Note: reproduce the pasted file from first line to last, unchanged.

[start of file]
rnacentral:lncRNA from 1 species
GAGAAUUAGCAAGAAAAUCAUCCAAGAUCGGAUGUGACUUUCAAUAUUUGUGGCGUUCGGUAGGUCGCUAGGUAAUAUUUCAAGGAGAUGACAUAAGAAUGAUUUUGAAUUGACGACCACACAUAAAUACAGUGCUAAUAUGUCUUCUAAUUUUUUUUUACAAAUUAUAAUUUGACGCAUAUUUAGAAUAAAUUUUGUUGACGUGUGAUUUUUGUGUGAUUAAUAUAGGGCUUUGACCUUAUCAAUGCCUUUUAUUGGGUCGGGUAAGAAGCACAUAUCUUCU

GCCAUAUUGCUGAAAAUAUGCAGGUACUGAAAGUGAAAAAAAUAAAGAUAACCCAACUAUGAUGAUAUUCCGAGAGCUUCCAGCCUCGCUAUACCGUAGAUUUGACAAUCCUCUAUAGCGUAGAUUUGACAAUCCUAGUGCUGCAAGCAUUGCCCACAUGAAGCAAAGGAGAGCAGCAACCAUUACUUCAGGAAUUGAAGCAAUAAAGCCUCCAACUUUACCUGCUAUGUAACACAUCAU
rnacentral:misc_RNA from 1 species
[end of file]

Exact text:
rnacentral:lncRNA from 1 species
GAGAAUUAGCAAGAAAAUCAUCCAAGAUCGGAUGUGACUUUCAAUAUUUGUGGCGUUCGGUAGGUCGCUAGGUAAUAUUUCAAGGAGAUGACAUAAGAAUGAUUUUGAAUUGACGACCACACAUAAAUACAGUGCUAAUAUGUCUUCUAAUUUUUUUUUACAAAUUAUAAUUUGACGCAUAUUUAGAAUAAAUUUUGUUGACGUGUGAUUUUUGUGUGAUUAAUAUAGGGCUUUGACCUUAUCAAUGCCUUUUAUUGGGUCGGGUAAGAAGCACAUAUCUUCU

GCCAUAUUGCUGAAAAUAUGCAGGUACUGAAAGUGAAAAAAAUAAAGAUAACCCAACUAUGAUGAUAUUCCGAGAGCUUCCAGCCUCGCUAUACCGUAGAUUUGACAAUCCUCUAUAGCGUAGAUUUGACAAUCCUAGUGCUGCAAGCAUUGCCCACAUGAAGCAAAGGAGAGCAGCAACCAUUACUUCAGGAAUUGAAGCAAUAAAGCCUCCAACUUUACCUGCUAUGUAACACAUCAU
rnacentral:misc_RNA from 1 species